Now we get to part of the article in which Ryan tells us how to fix NCLB, otherwise known as pure fantasy. He has three main ideas for "fixing this mess," and by ideas I mean Ryan's opinion utterly lacking any empirical support.
1. National Standards.
It's time to create national standards and tests in at least reading, math, science, and social studies/history.For some reason, national standards have become synonymous with "perfect standards." As if anything that goes through the political process on the national level with all the competing interest groups get a chance to influence the process in a way that benefits their particular way of educating. Now recall that most educator's "particular way of educating" is not only ineffective, but often detrimental to at-risk students. To put it mildly, there is absolutely no reason to believe that National Standards will be any better than the existing state standards, which are on average pretty awful.
2. Administer fewer tests
National tests should be given less often, perhaps in only fourth, eighth, and 11th grades.Because it's always easier to identify and diagnose problems with less feedback, especially when you don't know what you're doing in the first place. It's a trial and error approach in which each trial last four years before we determine whether there's been an error.
3. Rank schools; don't prescribe punishments
I don't see how ranking schools is any different of better than what we're doing now, unless there's some benefit to even less accountability--because that's exactly what everything proposed in this paragraph actually leads to.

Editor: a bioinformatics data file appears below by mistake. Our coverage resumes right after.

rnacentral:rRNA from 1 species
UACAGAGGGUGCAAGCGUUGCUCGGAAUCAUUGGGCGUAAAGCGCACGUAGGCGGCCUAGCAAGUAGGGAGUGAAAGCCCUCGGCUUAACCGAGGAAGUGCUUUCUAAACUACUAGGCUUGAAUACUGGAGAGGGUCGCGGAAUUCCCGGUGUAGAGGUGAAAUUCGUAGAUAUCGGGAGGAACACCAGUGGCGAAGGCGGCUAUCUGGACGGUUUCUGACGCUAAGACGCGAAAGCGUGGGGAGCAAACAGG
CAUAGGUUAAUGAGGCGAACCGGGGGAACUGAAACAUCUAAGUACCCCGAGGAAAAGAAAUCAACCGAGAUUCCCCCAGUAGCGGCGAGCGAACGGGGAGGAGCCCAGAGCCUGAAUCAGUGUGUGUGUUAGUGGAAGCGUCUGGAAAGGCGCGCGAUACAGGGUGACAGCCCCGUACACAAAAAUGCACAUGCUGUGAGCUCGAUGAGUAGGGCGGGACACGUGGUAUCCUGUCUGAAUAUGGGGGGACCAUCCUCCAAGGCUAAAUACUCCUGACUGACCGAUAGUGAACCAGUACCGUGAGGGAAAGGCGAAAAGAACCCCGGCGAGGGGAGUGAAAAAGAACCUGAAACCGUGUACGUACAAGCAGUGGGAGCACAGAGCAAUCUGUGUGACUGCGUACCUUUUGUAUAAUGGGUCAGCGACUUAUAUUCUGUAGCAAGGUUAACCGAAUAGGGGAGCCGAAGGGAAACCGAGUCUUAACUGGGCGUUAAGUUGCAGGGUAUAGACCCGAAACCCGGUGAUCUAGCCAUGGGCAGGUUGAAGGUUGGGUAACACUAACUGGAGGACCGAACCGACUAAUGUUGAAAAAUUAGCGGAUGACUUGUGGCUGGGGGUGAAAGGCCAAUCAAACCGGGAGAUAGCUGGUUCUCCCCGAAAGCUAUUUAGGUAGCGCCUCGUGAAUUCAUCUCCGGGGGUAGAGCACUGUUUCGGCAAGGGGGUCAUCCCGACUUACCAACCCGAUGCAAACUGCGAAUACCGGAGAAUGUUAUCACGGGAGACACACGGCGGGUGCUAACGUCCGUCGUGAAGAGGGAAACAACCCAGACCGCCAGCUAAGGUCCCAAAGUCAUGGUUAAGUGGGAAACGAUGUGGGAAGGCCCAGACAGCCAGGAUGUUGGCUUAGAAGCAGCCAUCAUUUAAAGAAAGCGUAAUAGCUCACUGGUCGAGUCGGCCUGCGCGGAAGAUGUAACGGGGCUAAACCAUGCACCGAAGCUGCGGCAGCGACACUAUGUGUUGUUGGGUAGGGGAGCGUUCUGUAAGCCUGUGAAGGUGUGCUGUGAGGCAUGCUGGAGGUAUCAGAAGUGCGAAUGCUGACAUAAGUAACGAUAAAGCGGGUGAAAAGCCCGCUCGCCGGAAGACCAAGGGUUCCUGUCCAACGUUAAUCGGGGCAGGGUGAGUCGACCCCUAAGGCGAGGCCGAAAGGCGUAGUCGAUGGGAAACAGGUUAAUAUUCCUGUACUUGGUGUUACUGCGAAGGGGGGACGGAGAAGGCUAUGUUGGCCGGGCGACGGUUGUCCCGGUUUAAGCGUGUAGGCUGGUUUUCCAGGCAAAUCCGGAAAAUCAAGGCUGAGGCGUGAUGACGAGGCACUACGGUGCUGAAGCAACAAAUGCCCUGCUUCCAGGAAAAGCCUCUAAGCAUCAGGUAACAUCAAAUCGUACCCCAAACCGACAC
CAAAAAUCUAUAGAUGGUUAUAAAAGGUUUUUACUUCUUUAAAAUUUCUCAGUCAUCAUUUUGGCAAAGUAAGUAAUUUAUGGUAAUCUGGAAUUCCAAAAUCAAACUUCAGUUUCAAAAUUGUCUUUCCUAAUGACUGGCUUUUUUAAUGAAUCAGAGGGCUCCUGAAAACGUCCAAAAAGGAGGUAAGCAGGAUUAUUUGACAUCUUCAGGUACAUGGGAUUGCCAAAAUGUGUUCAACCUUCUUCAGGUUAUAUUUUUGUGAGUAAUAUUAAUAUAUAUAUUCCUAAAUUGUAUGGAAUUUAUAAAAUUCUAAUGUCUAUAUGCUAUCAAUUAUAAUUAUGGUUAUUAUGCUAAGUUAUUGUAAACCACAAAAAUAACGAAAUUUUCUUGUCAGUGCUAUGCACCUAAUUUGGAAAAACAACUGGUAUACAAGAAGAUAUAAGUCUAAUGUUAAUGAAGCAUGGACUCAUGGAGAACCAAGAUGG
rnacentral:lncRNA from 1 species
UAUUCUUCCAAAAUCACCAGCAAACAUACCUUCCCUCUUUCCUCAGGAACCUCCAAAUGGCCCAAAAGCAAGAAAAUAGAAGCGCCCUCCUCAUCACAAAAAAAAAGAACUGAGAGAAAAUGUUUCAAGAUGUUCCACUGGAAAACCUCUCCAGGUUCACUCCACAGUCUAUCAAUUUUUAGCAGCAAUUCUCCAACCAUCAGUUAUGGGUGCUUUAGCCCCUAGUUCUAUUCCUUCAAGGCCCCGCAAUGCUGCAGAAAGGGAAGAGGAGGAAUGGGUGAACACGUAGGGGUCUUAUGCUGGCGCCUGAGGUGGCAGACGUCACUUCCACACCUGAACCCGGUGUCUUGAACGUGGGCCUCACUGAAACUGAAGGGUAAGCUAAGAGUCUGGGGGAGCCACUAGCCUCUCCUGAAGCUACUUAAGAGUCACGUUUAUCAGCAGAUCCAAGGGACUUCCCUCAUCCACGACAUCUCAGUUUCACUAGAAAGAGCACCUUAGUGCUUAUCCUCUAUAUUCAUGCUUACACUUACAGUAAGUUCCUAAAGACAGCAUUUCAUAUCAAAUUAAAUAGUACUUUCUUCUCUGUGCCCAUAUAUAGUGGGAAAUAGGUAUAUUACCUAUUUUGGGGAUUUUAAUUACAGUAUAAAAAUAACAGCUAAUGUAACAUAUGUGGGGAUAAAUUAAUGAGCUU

Ranking systems aren't perfect, but using multiple criteria to rank schools should provide a much clearer and fuller picture of school quality. States can then decide on their own how they want to sanction or assist the low-performing
And, before NCLB we used to let the states police themselves and they completely failed to do so. So good luck with that.
Then Ryan tells us:
If and when NCLB is fixed, the next president should concentrate on two key
issues: teachers and preschool.
By concentrate, Ryan means "give more money to." And, we all know how well that's worked in the past. There is little correlation between teacher compensation and teacher performance. Most of the existing problems are unrelated to compensation. Increasing compensation won't help poor teaching practices and bad curricular decisions.
Universal preschool is the next magical panacea. But I can't for the life of me figure out hoe adding a year of preschool is going to help at-risk kids if the same clowns that run kindergarten run it. If they can't teach them in kindergarten, which they can't, what makes you think they'll be able to teach them in preschool when they are even younger and more difficult to teach.
NCLB is far from perfect; but there's no reason to think that Ryan's suggestions will improve anything.